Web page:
McCrossin added that the Spanish-speaking senior – buoyed by the promise of riches – went to her bank and withdrew several thousand dollars in cash for the scammer, whom she never heard from again.
No free lunch
“He was taking advantage of her for cultural reasons and because of her age,” said McCrossin, who added that con men targeting Los Altos seniors is nothing new, given the area’s affluence and robust elderly population.
Shawna Reeves, an elder-abuse expert and consultant based out of Oakland, said she’s seen the same scare tactics experienced by Truman in other schemes – including those who use government program signups like the Affordable Care Act to take advantage of uninformed residents. In these cases, Reeves said scammers typically offer seniors help navigating through the signup process and ask for an upfront down payment – while others ask for the senior’s personal information in order to do the signups for them. Those resisting the offer are often told they’ll face harsh financial or other penalties for noncompliance.
“Some would even say they’d go to jail – it’s that brazen,” said Reeves, a 1995 graduate of Mountain View High School.
Reeves said the promise of wealth is another common example she’s seen in the form of low-cost or free asset planning seminars for seniors. While many are legitimate, she noted, others simply serve as an opportunity to pressure seniors into purchasing investment products not suitable for their financial needs.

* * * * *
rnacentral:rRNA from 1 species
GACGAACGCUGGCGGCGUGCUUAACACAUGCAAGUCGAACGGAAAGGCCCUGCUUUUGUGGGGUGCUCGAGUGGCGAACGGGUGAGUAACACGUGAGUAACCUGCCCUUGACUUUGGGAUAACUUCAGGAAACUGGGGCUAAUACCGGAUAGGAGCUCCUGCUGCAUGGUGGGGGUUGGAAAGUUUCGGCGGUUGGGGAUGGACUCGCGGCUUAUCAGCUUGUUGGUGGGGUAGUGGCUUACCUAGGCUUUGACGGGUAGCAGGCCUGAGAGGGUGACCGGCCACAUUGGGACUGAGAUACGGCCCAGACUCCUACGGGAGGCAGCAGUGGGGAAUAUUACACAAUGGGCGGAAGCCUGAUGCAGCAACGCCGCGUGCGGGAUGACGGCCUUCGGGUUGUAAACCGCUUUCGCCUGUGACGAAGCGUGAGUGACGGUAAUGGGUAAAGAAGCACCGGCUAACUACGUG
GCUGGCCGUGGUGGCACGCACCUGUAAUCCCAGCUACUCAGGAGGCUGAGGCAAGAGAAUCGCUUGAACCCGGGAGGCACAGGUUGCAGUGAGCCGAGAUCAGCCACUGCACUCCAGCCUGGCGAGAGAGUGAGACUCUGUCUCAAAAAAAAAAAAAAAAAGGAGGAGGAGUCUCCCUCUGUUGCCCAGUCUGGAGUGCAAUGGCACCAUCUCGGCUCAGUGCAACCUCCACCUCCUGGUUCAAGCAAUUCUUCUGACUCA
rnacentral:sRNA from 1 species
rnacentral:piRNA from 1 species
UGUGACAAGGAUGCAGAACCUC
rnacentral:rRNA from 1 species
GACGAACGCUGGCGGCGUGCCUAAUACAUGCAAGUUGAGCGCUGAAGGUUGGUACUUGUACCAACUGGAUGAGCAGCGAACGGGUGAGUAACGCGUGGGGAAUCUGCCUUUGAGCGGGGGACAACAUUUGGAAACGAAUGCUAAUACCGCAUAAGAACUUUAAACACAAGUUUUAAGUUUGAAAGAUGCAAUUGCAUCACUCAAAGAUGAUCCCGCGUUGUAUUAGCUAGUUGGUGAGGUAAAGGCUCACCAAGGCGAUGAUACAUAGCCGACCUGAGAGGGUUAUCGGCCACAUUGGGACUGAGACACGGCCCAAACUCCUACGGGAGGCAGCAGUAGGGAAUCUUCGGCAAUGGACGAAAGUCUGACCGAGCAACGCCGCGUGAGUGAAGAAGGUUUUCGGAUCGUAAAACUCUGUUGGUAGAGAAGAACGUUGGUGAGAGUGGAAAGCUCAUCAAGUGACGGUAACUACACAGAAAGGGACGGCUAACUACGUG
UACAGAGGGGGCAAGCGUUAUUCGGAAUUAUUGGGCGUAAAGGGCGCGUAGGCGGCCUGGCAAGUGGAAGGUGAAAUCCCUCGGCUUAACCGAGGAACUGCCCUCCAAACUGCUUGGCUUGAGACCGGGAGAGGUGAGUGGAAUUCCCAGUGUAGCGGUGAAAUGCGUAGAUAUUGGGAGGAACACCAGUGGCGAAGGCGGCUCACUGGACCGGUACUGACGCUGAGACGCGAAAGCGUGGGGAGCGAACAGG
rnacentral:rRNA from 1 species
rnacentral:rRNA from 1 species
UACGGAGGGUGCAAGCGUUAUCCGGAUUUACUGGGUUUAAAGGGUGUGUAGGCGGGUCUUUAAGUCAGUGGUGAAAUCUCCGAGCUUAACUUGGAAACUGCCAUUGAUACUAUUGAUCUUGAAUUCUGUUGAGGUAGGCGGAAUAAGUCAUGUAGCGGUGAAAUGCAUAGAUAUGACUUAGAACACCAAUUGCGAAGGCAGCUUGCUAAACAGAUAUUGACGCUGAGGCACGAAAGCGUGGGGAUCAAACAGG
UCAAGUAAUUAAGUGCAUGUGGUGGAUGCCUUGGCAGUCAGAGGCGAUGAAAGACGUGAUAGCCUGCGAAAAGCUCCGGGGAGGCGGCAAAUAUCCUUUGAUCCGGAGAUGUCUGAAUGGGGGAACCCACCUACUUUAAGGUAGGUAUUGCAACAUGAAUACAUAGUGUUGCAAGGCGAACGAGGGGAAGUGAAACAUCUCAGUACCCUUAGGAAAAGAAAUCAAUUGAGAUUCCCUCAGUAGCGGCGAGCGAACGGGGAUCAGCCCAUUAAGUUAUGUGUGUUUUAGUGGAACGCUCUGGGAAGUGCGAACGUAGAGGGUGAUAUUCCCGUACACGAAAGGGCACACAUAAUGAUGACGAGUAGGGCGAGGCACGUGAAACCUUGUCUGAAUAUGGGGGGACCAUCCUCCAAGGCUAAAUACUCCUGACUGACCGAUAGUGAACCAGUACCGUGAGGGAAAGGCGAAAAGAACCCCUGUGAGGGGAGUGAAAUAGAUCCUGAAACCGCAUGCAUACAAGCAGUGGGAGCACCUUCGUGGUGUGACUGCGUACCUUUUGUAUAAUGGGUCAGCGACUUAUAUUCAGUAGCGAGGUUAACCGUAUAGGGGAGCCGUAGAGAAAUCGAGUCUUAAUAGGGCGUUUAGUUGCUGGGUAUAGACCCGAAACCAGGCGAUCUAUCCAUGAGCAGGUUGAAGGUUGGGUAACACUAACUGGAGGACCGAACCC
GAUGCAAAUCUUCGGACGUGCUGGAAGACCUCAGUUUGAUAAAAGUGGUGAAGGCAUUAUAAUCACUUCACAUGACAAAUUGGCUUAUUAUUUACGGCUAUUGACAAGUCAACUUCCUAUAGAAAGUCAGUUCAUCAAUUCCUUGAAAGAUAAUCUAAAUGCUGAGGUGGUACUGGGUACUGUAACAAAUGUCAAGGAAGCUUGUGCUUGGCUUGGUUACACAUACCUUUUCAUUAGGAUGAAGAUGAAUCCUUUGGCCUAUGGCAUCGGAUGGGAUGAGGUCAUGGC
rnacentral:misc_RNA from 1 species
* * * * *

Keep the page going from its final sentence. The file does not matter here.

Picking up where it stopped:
She pointed to a 2007 Securities and Exchange Commission study of 110 firms offering “free lunch” financial seminars. The study revealed that all of the seminars advertised as educational or those without sales pitches in fact did involve a sales presentation at some point. Another 50 percent of them featured “misleading” or “exaggerated” claims such as double-digit returns, while 23 percent offered “possibly unsuitable recommendations.” Another 13 percent, the report noted, “appeared to be fraudulent.”
“If you think about it, to put on a seminar costs something,” Reeves said. “They’re not doing it out of the kindness of their heart. They’re going to want to make money somehow. … It really comes down to remembering that there is no free lunch.”
In the future
Looking ahead, Berry said 2014 will likely feature more of the same seen in 2013 – more scammers targeting a growing population of seniors that now include many baby boomers.
“It would be safe to say that this gets bigger every year,” she said. “Some of them we find out about – I think most we don’t. It’s a hugely underreported crime, in part because of embarrassment and fear. If an elder tells someone they’re sending their money to Liberia or something, they’re afraid they’ll lose their independence. It’s really a reasonable fear.”
Despite what she concedes might seem like a gloomy landscape, Berry said she hopes that continued outreach and education will eventually lead to residents and law enforcement collectively putting “a major dent in the scam trade in this county.”
“I am hopeful, because every time I talk to people about elder-fraud prevention, they’re on board,” she said. “It just requires getting the word out, and the community gets galvanized – that gives me hope.”